Knowledge coproduction may be best understood as a category of participatory research and collaborative governance approaches that broadly follow the theory of change presented in Figure 1 (note O and C labels). The ultimate goal (O3) of these approaches is to catalyze decisions and actions that reflect the best available knowledge as a response to complex sustainability problems (Cash et al. 2003, Crona and Parker 2012, Future Earth transition team 2012, Mauser et al. 2013). To achieve this ultimate goal, knowledge coproduction focuses on the ‘process’ of knowledge creation as much as on its resultant products (Walter et al. 2007). It theorizes that the ultimate goal (O3) will be achieved when there is a shared understanding of the problem (Blackstock et al. 2007) and a genuine constituency (Lang et al. 2012) for responding to it. It further hypothesizes that these intermediate outcomes (O2) will be achieved if the knowledge coproduction process leads to a set of immediate outcomes (O1): empowered stakeholders (Lang et al. 2012), high social capital (Armitage et al. 2012); an equitable, accountable working space (Walter et al. 2007); and transformative learning (Blackstock et al. 2007). Essentially, knowledge coproduction trusts the ability of stakeholder teams to effectively solve complex problems when there is appropriate representation, capacity, trust, and commitment to learning.
The logic or mechanism linking these immediate (O1) and intermediate (O2) outcomes is suggested by the prevalence of two themes in the coproduction literature: interaction and transformation. Iterative stakeholder interactions, which facilitate a shift from disparate, self-focused perspectives of a problem into a holistic, collective framing, are central to knowledge coproduction (Blackstock et al. 2007). Using stakeholder interactions as a primary mechanism for knowledge creation implicitly involves issues and questions related to power, including: which stakeholders are represented; how does stakeholder capacity vary in terms of time, information, resources, and social connections; and how are stakeholder voices supported or suppressed by institutional laws and norms in the broader social context (Walter et al. 2007, Armitage et al. 2012, Bremer and Glavovic 2013). Coproduction scholars are clear that for this theory of change to succeed, the coproduction process (C3) must enable, “a tangible cooperation on an equal footing” (Walter et al. 2007:328). Even if there are power imbalances in the broader social context (C2), the coproduction process needs to create an oasis in which stakeholders are given an equal voice so that trust, creativity, and shared understanding can develop.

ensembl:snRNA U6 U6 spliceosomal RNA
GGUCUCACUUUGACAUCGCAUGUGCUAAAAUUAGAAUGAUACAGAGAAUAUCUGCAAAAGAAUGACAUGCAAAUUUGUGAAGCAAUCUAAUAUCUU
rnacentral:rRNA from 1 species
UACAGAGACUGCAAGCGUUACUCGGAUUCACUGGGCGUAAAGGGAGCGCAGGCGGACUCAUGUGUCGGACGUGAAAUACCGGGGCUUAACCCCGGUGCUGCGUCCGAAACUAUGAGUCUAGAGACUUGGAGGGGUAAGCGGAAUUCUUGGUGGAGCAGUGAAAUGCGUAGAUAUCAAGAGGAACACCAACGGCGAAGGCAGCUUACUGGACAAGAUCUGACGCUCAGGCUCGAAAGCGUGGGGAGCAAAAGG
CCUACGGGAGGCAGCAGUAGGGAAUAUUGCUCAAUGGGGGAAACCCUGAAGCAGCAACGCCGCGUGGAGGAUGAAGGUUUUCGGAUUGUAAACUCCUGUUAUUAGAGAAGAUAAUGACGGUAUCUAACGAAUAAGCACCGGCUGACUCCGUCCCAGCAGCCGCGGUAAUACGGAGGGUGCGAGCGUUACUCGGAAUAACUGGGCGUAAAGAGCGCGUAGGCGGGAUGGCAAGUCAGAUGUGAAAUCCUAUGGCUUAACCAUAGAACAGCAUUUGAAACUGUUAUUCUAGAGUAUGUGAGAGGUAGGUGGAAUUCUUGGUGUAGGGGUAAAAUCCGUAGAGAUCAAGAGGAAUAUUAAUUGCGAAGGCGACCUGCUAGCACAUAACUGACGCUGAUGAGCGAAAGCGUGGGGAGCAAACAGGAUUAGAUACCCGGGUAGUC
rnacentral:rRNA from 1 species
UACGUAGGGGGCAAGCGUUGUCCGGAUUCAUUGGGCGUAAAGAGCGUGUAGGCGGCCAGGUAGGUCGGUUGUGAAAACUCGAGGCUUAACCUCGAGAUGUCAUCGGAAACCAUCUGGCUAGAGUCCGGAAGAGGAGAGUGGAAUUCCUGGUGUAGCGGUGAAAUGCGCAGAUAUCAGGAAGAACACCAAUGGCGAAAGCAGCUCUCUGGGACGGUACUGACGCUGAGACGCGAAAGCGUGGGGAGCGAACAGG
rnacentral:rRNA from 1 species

Transformation or an integration of diverse knowledge systems is a second dominant theme in the coproduction literature. Pohl (2008) argues that simply reorganizing knowledge from different disciplines or cultures to inform a real-world problem is inadequate to be considered coproduction. For Pohl, coproduction occurs when the interactions between actors serve to minimize differences in their cultural backgrounds and to emphasize the collective nature of the endeavor. Blackstock et al. (2007:726) add that what is needed from this ongoing collective dialogue is a “transformation in understanding and practice.” In our model, we emphasize an immediate goal of facilitating transformational learning (O1), but intentionally do not propose a goal of producing transformation knowledge as an intermediate coproduction outcome (O2). The literature on integrating Indigenous knowledge and Western science articulates both significant risks and compelling reasons for integration (Berkes et al. 2006, Bohensky and Maru 2011). Noting these issues, we pose a question about what level of integration is appropriate for successful knowledge coproduction. We propose that coproduction needs to enable a transformation in thinking that allows stakeholders to embrace ideas beyond their own disciplines and cultures and leads to new, creative solutions (O1). We suggest that the resulting knowledge (O2) should be evaluated against the criteria identified by Cash et al. (2003) and Mitchell et al. (2006): that knowledge will be influential in decision making when it is perceived as salient, legitimate, and credible by key stakeholder groups. In this usage, salience means that knowledge is considered relevant and adequate to inform decision making; legitimate means that it is perceived as inclusive, fair, and unbiased; and credible means that the information is considered accurate, or “at least a better guide to how the world works than competing information” (Mitchell et al. 2006:317).